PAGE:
NYPD officer who killed Hofstra University student cleared of all wrongdoing
'Officer guarding street near police car with siren light.' [Shutterstock]

NEW YORK (Reuters) - A police officer who accidentally shot dead a student at a suburban New York university, while responding to an armed robbery at her apartment, has been cleared of all wrongdoing, authorities said.

Nassau County policeman Nikolas Budimlic was justified in shooting at an armed robber who was using Hofstra University student Andrea Rebello as a shield, a report by the county district attorney said on Wednesday.

The fact that Budimlic accidentally shot and killed Rebello, 21, did not change his justification, the report found.

"While her death is tragic, the law regarding justification is clear: A justification defense is applicable to any use of force, even if that use has unintended consequences," the report said.

Police headed to the apartment in Uniondale, east of New York City, early on May 17, 2013, after getting a call about an armed robber holding people hostage. When they arrived, suspected robber Dalton Smith, 30, grabbed Rebello in a headlock to shield his body while pointing a 9mm gun at her head.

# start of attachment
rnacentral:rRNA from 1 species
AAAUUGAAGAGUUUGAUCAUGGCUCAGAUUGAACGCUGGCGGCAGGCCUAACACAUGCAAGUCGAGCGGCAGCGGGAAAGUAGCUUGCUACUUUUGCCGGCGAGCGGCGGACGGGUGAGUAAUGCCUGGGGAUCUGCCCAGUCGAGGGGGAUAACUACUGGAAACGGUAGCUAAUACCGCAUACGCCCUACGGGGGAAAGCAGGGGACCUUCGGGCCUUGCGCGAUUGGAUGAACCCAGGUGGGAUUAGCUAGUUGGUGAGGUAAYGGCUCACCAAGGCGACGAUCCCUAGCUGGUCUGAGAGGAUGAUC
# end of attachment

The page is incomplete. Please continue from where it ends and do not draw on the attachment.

"Smith ignored numerous commands shouted by Officer Budimlic for Smith to drop his weapon," the report said. "Smith, alternately pointing his gun at Andrea Rebello and Officer Budimlic, threatened to kill both of them."

For a moment during the tense standoff, Smith lost his balance and loosened his grip on Rebello when she turned her body away from him. When Smith wobbled, Budimlic fired eight rounds at him. Seven bullets hit Smith, but one struck Rebello in the head.

Rebello was transported to the Nassau University Medical Center, where she died.

Smith, a wanted felon after breaking parole for another armed robbery, died in the apartment.

"The tragedy of Andrea Rebello's death was not caused by any criminal misconduct by Officer Budimlic. Her death was caused by Dalton Smith's decisions," the report said.

(Reporting by Curtis Skinner; Editing by Scott Malone and Bernadette Baum)

[Police officer via Shutterstock]